If you’ve been on ROBLOX recently, you’ve probably noticed a new version of Paintball sitting on top of the Games Page. Paintball Testing by veteran builder ScriptOn is in its early stages of development, and is already gaining a massive following on ROBLOX. Spend a few minutes playing, and it’s easy to see why. The game has an extremely solid foundation that’s as polished as it is exciting. I got the chance to have a chat with ScriptOn about the challenges of putting this game together, and what’s in store for the future. And yes, throughout the interview I took several paintballs to the face and neck. Ow.
The first thing you notice when you jump into Paintball Testing is how smooth everything is. The controls, aesthetic, and pace are all top notch. On top of that, the existing levels are all radically different from one another, both in terms of appearance and gameplay modes. Turns out there’s a reason for this — ScriptOn and Limitious made the very first level, Classic Divide, themselves in order to test game modes. After that, ScriptOn began accepting submissions from other users and hand picked his favorite maps for use in his game. Each of the maps he chooses are accredited in the description of the game itself, so you know what user made which map.
“All the new maps are submitted to me by users, and the rules are really simple. The maps have to be under 2,000 parts and you have to be able to play Domination Mode in every map you submit,” he tells me. “I’m constantly reading private messages about maps, so if I come across one that seems legit, I’ll go in and see it for myself.”
Of course all the maps in the world wouldn’t mean anything without solid gameplay mechanics. Paintball guns are much harder to script than your average ROBLOX weapon. You see, a modern gun fires bullets that (usually) travel in a straight line until a target is hit. Paintballs on the other hand follow an arching trajectory — they don’t necessarily land where your crosshair is pointed, particularly if your target is far away. This means that each shot fired from a paintball gun requires several calculations to “fall” realistically. This also adds another layer of strategy to the first-person-shooter genre — distance shots are that much harder to make, as you have to predict where your paintball will fall to hit your target.
“I developed a function called castray, and a line of code that repeats the function until the bullet hits something,” he explains. “Each time the code runs the bullet lowers itself 0.09 studs to simulate falling. It runs on a system that depends on the distance of the bullet that’s shot. If your bullet travels, say, 15 studs, three separate calculations are made on its journey.”
All of this has to work in conjunction with different paintball weapons with different firing mechanisms — there are shotguns and grenade launchers as well, each with their own calculated raycast trajectories. It’s the sheer volume of things needed to be done that overwhelmed ScriptOn initially. But the hardest challenge ScriptOn encountered was creating a fair and balanced spawning system, which proved to be, in his words, “a major pain in the butt.”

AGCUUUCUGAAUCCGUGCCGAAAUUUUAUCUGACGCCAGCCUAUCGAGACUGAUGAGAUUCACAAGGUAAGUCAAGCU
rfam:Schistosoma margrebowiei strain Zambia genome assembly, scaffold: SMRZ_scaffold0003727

“The third and current version of the spawn solution I came up with is a unique points system that assigns points to each spawn. So positive points are assigned for having nearby teammates, and negative points are assigned to nearby enemies. So once you hit the spawn button, the game finds the spawn with the most points and that’s where your avatar surfaces,” he tells me.
Paintball Testing is constantly being tinkered with and updated, though today marks one of the biggest updates the game has received thus far. ScriptOn has released six new levels, tweaks to the spawning system, a reworked leaderboard, rail attachments (allowing you to attach flashlights and aiming lasers to your weapon) and trigger attachments (allowing you to alternate between burst and automatic firing modes).
ScriptOn has also added five Game Passes that offer small perks to paying players. The +25 Game Pass will help you earn points a bit quicker, while the Ammo Game Pass increases the amount of ammo you spawn with.
“The Sprint Game Pass is the only one that really changes the game for the player — being able to sprint for 50% longer helps a lot with objective gameplay, though it isn’t exactly game-breaking either,” he says.
Even with all of these additions, ScriptOn still insists that the game is far from complete. He plans on adding at least two more game modes, a perk system (similar to the one you’d find in Call of ROBLOXia), five more rewards for kill streaks, and one monstrous “mega” script that will eventually handle each and every projectile in the game. He tells me that the only way he’ll ever consider the game “finished” is if ROBLOX shuts down. For the third time in this interview, I couldn’t tell whether he was kidding or not. Regardless, here’s his advice for other game developers out there:
If you want to make a front page game, don’t plan on making a front page game. Instead, plan and focus on making a game that you yourself find fun. During early development I lost a ton of progress because I just couldn’t stop testing my game. It was just too much fun. I’m grateful that others caught on and started enjoying it just as much as me, and their feedback is vital in shaping the path my game takes.